Variety (1928) - Champagne
- book review: Champagne
- author(s): Frat
- journal: Variety (05/Sep/1928)
- issue: volume 92, issue 8, page 28
- journal ISSN: 0042-2738
- publisher: Penske Business Media
- keywords: Alfred Hitchcock, Betty Balfour, British International Pictures, Champagne (1928), Eliot Stannard, Gordon Harker, Jack E. Cox, New York City, New York, Walter C. Mycroft, Wardour Films Ltd
Produced by British International Pictures, Ltd. Directed by Alfred Hitchcock. Distributed in the U. K. by Wardour Films, Ltd.; in America by the World Wide Film, Corp. through Educational Exchanges. Story by Walter Mycroft and Alfred Hitchcock. Scenario by Elliot Stannard. Photography by Jack Cox. Censors certificate "U." Previewed at the London Hippodrome Aug. 20. Running time, 84 minutes.
If J. D. Williams is going to release British pictures in America he will have to get some better than this. The story is of the weakest, an excuse for covering 7,000 feet or harmless celluloid with legs and close-ups.
Be a female star ever so good — and Betty Balfour is not seen here at her best — no audience is going to stand for nine-tenths of a film being devoted to her doing nothing in particular. That's what happens here, with no other woman in the cast, and three men who are indeterminate in character and badly directed.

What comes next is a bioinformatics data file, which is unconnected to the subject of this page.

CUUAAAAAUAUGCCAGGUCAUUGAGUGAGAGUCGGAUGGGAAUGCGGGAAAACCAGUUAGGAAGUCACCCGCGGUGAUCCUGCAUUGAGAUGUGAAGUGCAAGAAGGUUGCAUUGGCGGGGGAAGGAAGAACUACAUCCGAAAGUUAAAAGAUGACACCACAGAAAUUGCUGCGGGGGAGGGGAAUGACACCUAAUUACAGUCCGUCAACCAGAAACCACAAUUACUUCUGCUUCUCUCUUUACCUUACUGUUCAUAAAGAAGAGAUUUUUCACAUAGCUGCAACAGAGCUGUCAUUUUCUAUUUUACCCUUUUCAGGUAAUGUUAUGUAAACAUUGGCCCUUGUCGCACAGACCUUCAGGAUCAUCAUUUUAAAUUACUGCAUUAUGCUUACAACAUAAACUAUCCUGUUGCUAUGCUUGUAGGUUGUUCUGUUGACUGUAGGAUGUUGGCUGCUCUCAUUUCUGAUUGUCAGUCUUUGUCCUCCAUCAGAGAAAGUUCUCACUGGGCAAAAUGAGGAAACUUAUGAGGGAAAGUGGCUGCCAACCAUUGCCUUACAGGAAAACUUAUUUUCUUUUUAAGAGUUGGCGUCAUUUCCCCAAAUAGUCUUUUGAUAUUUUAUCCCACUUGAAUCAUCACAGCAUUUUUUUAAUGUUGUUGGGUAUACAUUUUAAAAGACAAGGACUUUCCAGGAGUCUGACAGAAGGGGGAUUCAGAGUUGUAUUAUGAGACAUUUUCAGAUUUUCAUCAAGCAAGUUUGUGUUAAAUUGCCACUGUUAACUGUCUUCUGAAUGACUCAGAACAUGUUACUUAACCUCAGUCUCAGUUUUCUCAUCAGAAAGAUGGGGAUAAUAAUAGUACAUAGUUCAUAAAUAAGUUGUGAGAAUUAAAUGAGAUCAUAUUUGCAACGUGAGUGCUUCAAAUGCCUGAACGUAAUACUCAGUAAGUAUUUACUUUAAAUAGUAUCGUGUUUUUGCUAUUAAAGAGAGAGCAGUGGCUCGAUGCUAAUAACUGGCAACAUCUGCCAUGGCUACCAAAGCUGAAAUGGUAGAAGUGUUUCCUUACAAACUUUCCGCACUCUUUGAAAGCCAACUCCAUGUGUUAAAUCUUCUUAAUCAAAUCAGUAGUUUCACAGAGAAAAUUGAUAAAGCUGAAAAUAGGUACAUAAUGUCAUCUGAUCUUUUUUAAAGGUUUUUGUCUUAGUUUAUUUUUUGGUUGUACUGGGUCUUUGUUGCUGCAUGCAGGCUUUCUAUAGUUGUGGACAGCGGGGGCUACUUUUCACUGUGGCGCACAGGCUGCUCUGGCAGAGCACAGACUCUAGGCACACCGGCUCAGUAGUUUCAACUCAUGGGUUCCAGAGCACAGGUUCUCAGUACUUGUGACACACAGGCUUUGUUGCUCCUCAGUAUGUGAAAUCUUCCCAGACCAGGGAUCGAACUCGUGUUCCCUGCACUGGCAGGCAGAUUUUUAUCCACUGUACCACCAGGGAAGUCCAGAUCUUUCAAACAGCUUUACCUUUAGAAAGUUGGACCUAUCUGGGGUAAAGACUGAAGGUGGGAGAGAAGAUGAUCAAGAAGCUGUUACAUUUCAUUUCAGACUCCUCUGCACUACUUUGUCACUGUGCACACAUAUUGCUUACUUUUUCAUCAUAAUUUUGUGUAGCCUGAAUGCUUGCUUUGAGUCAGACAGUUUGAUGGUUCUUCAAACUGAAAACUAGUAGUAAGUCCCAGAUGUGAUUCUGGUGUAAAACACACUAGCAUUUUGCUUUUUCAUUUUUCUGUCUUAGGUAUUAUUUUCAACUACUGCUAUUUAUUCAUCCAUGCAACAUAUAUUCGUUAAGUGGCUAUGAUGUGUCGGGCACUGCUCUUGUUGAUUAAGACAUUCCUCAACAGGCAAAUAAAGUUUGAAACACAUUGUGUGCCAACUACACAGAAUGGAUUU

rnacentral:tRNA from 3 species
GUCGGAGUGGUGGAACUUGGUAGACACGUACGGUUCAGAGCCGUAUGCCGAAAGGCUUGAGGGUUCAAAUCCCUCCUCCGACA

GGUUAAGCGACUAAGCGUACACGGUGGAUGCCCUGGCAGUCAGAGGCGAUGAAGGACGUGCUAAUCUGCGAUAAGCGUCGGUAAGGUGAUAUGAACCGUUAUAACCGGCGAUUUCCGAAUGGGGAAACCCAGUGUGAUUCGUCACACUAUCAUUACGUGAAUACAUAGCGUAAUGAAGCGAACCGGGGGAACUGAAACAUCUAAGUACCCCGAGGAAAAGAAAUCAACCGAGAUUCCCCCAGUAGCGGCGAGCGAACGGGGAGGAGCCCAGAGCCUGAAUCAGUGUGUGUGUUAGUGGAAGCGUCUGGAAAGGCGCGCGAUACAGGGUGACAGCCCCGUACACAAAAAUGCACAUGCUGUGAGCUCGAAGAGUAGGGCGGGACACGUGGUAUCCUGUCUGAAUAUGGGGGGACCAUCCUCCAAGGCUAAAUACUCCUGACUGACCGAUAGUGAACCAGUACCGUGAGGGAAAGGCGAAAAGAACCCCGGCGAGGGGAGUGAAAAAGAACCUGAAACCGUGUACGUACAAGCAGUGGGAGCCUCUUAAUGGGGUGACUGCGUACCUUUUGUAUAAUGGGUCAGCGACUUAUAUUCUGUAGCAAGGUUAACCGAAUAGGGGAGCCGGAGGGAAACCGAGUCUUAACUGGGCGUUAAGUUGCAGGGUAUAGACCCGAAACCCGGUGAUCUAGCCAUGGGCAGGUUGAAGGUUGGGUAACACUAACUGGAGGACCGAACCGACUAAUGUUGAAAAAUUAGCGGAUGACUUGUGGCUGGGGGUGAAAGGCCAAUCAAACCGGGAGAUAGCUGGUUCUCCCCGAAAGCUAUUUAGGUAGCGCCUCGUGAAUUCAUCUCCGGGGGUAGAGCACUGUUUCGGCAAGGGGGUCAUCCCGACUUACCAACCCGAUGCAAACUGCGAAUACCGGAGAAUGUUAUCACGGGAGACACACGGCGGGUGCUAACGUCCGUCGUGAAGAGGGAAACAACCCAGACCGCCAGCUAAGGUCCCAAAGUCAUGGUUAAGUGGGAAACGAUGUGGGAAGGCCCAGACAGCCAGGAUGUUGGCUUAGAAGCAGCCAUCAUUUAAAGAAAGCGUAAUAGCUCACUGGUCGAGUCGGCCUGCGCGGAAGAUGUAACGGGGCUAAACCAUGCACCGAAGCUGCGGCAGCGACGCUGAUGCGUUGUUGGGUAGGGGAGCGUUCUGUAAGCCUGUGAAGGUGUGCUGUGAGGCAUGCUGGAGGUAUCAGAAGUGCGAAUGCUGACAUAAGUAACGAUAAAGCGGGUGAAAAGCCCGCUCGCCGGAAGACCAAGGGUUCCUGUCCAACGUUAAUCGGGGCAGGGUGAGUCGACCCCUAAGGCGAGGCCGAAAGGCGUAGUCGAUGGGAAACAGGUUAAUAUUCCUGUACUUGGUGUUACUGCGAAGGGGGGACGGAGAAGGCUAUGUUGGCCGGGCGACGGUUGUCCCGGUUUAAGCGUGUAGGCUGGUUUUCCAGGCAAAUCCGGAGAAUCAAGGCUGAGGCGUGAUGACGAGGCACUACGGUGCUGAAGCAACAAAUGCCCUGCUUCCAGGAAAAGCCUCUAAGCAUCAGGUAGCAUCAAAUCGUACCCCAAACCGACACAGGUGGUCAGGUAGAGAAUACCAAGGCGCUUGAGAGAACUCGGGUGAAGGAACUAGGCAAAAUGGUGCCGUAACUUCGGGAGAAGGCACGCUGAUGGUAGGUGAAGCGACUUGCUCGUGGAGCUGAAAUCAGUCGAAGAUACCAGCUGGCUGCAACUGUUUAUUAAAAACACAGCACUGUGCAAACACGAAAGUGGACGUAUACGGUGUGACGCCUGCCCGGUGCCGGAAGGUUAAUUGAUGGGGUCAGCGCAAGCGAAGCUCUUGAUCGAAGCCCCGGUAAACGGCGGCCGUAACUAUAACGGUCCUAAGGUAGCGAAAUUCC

Two versions of the story are given — one in the press book and another in a v. p. folder. Neither has much resemblance to the story on the screen, which is really an advantage to the literature.
Gordon Harker is supposed to be a "Champagne King," whatever that is, but the film shows him, both in action and captions, as a caricature of Hollywood's idea of a successful New York business man. His daughter wants to marry a boulevard cake-eater, and poppa disagrees. The lover sails on the Aquitania (spelled throughout with a "c"), and Betty follows in a plane, which she crashes In the path of the liner. At this point the film commences on the screen.
The boy friend gets sore at Betty taking a high hand just because poppa has dough, and she gets sore at him for getting sore, throws him down, and plays around with a nasty-looking middle-ager. In Paris she gives wild parties. Then father tells her he's broke, so they go to live in a hovel while she gets work in a cabaret to keep the home fires burning. Boy friend finds her there and goes to fetch poppa. Meantime, fed up with the life, she asks the bad man of the boat, who has turned up again, to take her to America. When she finds he has booked a double berth on the liner she gets cold feet, but boy friend arrives to rescue her, and they both find bad man is a friend of father's who has been framed by him to teach her a lesson.
Technically — settings, photography and lighting — it's as good as they come. But the story, the direction and the acting are dire. Betty Balfour has a thankless role and far too many close-ups. As a New York business man Gordon Harker Is a wild burlesque of a Sinclair Lewis complex. Von Alten looks good and plays quietly and well, but has a silly part. As champagne, it's the kind of wine they sell to boobs in Soho.